Arrow-right Camera

No basis for claims

Is the editor of the letters desperate for submissions or simply negligent?

Why would a letter be accepted for publication that on the face of it has no apparently credible basis? The writer submits conclusions based on “the Palestinian people I met” in Israel (Israeli citizens, I assume); a sample of unknown size over a period of unknown time. Does she speak fluent Arabic or Hebrew? Also, she submits the opinion that “most of the Israelis (sic) I saw seemed depressed, unfriendly and self-absorbed.” What was that sample size and what are her anthropological and psychological qualifications to make such judgments?

And then there are the errors, such as the claim that rockets fired from Gaza are “homemade” and “a few Palestinians throw stones.”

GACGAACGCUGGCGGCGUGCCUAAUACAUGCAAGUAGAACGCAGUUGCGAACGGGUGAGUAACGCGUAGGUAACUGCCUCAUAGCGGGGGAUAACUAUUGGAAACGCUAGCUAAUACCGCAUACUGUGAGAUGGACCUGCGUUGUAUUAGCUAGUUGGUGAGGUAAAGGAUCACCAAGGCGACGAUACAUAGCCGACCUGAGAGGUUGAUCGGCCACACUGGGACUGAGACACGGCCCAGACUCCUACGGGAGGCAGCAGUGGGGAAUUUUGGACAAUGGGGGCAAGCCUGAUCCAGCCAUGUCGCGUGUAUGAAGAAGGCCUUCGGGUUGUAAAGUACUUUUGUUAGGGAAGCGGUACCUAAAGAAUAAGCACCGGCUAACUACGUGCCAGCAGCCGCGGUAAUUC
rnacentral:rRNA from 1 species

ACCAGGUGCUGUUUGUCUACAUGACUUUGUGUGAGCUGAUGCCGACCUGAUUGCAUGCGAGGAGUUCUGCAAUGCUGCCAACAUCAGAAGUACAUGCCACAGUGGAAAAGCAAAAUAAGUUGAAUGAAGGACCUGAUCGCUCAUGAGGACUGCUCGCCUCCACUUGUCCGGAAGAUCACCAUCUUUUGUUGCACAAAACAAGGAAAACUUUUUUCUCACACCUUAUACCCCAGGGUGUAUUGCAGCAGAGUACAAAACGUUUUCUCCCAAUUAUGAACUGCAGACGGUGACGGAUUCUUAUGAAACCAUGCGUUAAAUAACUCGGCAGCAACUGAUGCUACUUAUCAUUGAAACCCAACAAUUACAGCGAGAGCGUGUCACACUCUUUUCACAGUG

She calls herself “A Jewish voice for peace,” yet does not even reference the fact that the only outcome of conflict the principal enemies of Israel are committed to is the total obliteration of the state of Israel. Certainly, there are legitimate grievances on both sides, just as there are people of intelligence and good will.

But yellow journalism only muddies and taints understanding and merits no recognition.

Peter Grossman



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Editorial: Washington state lawmakers scramble to keep public in the dark

State lawmakers want to create a legislative loophole in Washington’s Public Records Act. While it’s nice to see Democrats and Republicans working together for once, it’s just too bad that their agreement is that the public is the enemy. As The Spokesman-Review’s Olympia reporter Jim Camden explained Feb. 22, lawmakers could vote on a bill today responding to a court order that the people of Washington are entitled to review legislative records.